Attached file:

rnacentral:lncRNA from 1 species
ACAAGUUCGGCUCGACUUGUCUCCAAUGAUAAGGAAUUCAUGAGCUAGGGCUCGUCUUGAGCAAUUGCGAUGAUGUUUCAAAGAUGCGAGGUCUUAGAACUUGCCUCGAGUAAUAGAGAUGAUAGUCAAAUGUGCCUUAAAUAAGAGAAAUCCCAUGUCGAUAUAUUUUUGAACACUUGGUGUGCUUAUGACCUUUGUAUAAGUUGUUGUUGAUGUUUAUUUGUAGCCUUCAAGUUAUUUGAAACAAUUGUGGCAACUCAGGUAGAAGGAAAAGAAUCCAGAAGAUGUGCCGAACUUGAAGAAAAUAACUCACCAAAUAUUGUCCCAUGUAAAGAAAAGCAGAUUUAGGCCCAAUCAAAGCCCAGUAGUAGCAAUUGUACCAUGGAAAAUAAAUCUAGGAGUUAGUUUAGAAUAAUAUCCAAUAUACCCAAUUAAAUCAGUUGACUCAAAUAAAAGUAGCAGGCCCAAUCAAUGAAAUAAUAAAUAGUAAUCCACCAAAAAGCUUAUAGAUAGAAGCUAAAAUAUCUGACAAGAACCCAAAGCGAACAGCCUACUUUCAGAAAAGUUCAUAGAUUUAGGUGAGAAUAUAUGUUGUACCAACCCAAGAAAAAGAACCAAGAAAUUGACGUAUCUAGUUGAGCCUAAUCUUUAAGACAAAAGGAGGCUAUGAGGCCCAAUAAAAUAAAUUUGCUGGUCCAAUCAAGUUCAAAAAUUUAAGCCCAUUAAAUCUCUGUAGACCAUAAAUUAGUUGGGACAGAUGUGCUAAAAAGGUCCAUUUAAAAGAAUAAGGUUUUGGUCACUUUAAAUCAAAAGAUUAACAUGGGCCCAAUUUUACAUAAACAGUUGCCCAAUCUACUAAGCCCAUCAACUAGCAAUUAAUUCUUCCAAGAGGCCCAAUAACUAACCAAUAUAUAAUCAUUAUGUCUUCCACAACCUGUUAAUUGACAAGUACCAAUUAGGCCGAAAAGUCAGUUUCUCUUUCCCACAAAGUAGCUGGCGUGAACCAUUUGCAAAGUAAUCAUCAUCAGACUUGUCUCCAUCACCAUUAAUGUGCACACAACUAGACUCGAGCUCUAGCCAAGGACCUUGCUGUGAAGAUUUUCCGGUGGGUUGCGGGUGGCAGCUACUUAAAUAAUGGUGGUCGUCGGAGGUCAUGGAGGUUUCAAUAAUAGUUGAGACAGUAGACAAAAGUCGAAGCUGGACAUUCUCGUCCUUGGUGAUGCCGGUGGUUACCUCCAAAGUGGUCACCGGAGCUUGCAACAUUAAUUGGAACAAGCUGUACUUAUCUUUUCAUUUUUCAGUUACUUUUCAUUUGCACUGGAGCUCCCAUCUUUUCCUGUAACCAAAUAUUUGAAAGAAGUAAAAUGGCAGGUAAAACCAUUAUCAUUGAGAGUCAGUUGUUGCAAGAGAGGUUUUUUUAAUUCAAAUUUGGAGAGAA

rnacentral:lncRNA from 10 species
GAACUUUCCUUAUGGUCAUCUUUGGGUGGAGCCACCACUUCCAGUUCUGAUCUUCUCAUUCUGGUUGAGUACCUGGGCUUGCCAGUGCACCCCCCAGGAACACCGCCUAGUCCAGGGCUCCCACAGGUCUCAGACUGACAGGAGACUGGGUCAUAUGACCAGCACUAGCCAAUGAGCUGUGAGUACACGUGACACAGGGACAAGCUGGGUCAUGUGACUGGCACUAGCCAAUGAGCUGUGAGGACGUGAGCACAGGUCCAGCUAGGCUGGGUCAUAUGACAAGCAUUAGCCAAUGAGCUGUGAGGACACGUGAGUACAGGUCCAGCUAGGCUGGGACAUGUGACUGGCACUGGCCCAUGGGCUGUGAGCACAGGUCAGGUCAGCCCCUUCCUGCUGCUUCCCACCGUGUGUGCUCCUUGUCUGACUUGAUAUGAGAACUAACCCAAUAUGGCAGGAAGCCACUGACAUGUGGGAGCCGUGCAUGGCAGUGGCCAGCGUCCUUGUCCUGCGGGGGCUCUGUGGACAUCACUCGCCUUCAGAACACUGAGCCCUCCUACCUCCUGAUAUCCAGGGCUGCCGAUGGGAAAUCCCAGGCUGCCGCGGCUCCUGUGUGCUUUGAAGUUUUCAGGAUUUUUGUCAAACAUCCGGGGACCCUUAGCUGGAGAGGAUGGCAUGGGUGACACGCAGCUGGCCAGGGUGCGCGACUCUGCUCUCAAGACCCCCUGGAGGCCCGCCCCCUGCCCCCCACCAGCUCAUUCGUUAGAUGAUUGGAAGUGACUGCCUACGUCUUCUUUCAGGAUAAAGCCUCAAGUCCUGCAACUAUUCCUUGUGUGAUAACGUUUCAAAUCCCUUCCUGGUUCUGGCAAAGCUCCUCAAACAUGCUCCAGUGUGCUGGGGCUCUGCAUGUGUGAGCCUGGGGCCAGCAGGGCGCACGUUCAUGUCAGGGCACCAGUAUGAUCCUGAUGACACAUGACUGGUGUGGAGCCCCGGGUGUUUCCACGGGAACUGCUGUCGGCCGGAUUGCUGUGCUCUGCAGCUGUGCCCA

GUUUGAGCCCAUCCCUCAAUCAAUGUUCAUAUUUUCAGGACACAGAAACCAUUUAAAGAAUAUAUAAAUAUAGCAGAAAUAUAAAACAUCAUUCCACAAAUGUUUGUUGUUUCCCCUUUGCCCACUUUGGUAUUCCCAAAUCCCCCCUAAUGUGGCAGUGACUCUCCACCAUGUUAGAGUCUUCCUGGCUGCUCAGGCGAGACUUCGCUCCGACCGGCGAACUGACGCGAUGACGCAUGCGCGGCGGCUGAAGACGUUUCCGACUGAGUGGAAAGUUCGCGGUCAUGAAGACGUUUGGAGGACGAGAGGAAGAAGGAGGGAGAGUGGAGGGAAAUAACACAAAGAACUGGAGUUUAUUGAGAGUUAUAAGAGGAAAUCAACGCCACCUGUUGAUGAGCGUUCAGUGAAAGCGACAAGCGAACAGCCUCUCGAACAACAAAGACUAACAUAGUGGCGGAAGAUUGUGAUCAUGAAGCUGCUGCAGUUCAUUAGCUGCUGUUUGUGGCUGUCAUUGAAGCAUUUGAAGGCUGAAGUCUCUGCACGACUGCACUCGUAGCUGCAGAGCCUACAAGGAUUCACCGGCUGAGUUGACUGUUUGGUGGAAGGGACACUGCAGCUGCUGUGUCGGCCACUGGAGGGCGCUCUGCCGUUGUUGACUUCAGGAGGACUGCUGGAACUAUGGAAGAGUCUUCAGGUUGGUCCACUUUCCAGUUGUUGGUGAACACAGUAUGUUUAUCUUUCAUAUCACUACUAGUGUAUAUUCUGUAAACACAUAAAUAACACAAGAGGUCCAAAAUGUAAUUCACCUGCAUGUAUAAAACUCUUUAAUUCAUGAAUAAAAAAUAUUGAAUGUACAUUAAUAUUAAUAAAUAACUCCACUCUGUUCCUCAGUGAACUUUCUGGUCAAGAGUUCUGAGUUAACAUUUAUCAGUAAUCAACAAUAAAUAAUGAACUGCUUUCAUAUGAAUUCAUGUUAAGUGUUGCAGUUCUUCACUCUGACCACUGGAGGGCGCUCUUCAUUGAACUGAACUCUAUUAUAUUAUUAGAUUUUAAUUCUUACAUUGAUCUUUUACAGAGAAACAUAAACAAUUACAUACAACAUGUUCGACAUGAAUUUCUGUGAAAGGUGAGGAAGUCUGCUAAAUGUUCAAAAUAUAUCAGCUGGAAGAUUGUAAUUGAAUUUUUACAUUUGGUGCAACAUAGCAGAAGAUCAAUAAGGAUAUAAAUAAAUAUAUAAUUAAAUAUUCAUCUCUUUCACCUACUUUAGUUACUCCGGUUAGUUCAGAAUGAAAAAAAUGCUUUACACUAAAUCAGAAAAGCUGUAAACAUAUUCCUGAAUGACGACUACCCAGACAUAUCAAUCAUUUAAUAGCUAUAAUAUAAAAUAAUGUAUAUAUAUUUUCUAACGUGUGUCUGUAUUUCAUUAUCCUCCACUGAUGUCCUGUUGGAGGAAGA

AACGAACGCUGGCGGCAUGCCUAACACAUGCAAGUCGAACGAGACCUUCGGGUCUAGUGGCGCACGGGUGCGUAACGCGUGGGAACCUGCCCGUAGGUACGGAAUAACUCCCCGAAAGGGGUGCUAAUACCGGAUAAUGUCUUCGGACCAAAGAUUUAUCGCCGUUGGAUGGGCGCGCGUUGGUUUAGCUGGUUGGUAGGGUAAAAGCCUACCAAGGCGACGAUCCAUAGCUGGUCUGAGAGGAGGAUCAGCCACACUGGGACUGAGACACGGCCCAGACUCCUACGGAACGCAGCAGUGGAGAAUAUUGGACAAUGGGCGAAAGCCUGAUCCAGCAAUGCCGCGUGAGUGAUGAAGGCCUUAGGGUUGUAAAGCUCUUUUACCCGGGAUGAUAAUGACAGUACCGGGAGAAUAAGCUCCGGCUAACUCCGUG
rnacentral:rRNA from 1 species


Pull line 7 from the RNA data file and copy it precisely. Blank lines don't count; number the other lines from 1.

rnacentral:rRNA from 1 species